1

I would like to understand the difference between these two:

"It needs to have been deviated for 1 minute"
"It needs to be deviated for 1 minute"

Are both saying that the deviation needs to be occuring over time? I think that the past infinitive is just for that but on the other hand, wouldn't the other sentence mean the same?

  • 1
    It's not necessarily wrong, but this usage of transitive "to deviate [something]" is pretty unusual. Depending on the exact context, probably divert would be more suitable. – FumbleFingers Reinstate Monica Aug 14 '14 at 15:18
  • @Silkyss, is deviate in this sense some technical process, perhaps in Chemistry or Engineering? – Will Murphy Aug 14 '14 at 17:10
  • Yes, IT technical documentation. – Silkyss Aug 14 '14 at 17:19
2

Both of these expressions are ungrammatical. Deviate is an intransitive verb: it means to diverge from an appointed course or established value, not to cause something to diverge.

An intransitive verb cannot be cast in the passive voice. Consequently you must say:

It needs to have deviated for one minute. OR
It needs to deviate for one minute.

If these sentences define the circumstances under which some subsequent event is triggered, such as a correction or a warning message, there is no significant difference between them: both express the fact that action is taken after a one-minute deviation.

If this is not the case—for instance, if the deviation is actively desired in order to accomplish your purposes—then the distinction drawn by magistermurphy is operative: the sentence with the perfect construction looks to a point in time after the deviation, while the sentence with the simple construction looks to a point before the deviation.

  • THanks. But I think it can be cast in the passive voice like this: It needs to be deviated from the baseline ... Would that be correct? – Silkyss Aug 14 '14 at 15:28
  • @Silkyss No: only transitive verbs can be cast in the passive. You cannot deviate something, so something cannot be deviated. – StoneyB on hiatus Aug 14 '14 at 16:15
  • strange. The following sentence was written by a native speaker: .... has been deviating from the baseline long enough and activates the system. – Silkyss Aug 14 '14 at 16:29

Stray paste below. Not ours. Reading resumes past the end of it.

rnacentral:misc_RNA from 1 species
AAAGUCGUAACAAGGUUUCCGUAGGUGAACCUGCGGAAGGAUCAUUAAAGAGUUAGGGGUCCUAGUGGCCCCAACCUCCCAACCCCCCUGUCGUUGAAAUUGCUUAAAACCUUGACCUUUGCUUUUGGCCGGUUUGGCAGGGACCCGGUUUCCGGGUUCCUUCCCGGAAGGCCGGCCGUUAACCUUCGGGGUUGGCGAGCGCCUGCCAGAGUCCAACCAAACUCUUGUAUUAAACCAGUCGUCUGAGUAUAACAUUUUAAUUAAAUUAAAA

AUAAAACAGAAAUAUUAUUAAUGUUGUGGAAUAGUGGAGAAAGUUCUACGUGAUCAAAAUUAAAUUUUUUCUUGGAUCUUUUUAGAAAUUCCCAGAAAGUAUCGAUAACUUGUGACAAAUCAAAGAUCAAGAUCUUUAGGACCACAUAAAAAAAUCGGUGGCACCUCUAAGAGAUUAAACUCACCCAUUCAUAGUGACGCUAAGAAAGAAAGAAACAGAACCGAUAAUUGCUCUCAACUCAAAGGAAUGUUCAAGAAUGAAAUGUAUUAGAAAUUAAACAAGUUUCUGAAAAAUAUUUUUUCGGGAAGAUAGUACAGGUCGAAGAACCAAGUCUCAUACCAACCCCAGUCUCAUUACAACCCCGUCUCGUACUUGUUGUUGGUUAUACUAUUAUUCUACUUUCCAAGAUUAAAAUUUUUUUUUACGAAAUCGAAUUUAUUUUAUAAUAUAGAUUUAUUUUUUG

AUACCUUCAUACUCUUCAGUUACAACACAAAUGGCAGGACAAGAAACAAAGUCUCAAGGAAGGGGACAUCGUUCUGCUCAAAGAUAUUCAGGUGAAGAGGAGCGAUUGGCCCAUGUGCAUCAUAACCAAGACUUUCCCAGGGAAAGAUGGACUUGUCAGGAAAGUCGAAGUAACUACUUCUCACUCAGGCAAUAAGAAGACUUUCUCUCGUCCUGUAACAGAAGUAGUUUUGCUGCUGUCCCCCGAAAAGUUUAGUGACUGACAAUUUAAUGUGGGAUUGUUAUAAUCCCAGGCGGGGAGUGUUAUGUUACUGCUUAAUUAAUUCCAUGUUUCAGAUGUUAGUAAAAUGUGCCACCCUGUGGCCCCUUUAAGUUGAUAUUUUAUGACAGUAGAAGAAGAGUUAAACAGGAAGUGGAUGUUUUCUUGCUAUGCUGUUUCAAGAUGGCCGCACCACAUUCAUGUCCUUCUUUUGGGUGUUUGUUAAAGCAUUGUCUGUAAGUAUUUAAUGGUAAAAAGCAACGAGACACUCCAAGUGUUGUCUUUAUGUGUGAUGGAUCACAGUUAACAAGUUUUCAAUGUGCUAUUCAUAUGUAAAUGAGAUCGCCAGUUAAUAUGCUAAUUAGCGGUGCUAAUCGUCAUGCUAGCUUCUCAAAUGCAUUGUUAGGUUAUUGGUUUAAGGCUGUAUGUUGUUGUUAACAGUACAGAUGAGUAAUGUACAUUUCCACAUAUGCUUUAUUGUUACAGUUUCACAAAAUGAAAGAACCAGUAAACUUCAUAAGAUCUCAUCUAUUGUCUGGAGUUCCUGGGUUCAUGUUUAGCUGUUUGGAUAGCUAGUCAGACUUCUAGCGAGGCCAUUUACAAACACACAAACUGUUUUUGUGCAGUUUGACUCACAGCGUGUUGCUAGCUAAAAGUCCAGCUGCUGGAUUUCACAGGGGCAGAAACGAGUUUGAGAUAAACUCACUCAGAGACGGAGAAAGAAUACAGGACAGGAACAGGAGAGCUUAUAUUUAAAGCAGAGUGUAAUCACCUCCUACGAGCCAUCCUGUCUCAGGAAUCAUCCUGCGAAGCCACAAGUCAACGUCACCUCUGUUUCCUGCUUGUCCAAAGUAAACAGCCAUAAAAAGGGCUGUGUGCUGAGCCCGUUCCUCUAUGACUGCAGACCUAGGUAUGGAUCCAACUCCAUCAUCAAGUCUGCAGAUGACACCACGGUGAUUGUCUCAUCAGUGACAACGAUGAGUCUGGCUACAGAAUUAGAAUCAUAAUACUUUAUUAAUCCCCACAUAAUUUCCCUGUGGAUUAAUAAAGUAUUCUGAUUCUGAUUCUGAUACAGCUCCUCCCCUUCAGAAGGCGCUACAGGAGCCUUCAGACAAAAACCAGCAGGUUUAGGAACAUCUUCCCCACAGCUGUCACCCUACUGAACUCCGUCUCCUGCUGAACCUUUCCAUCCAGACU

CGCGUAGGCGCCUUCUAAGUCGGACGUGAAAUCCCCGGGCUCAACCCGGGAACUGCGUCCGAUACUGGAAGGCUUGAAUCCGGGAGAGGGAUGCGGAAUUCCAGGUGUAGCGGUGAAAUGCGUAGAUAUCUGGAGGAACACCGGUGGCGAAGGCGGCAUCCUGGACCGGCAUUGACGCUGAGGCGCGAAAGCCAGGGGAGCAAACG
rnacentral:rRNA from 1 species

• @Silkyss That is not a passive construction, which is built with BE + past participle but a progressive construction, built with BE + present participle (-ing form). (Specifically, it is a present perfect progressive.) – StoneyB on hiatus Aug 14 '14 at 16:37
  • THank you very much. So even if the text is technical, I cannot say use "it needs to be deviated from ...", right – Silkyss Aug 14 '14 at 17:14
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The sentences do not mean the same thing. "It needs to be deviated for 1 minute" means that this is the next step, that it should be deviated now.

"It needs to have been deviated for 1 minute," means that it should already have happened. It means the same thing as, "Before the next step happens, the one minute of deviation must already be done."

  • Are you sure "It needs to have been deviated" is correct, grammatically? – Manish Giri Aug 14 '14 at 14:25
  • Yes. See here under "perfect infinitive: passive." grammaring.com/the-forms-of-the-infinitive – Will Murphy Aug 14 '14 at 14:28
  • But deviate is intransitive and cannot be cast in the passive. – StoneyB on hiatus Aug 14 '14 at 16:46
  • That's true. I had assumed this was a technical use of deviated and that it could be used passively in that technical sense. If that is not the case, both expressions are ungrammatical, as @StoneyB said. – Will Murphy Aug 14 '14 at 17:01

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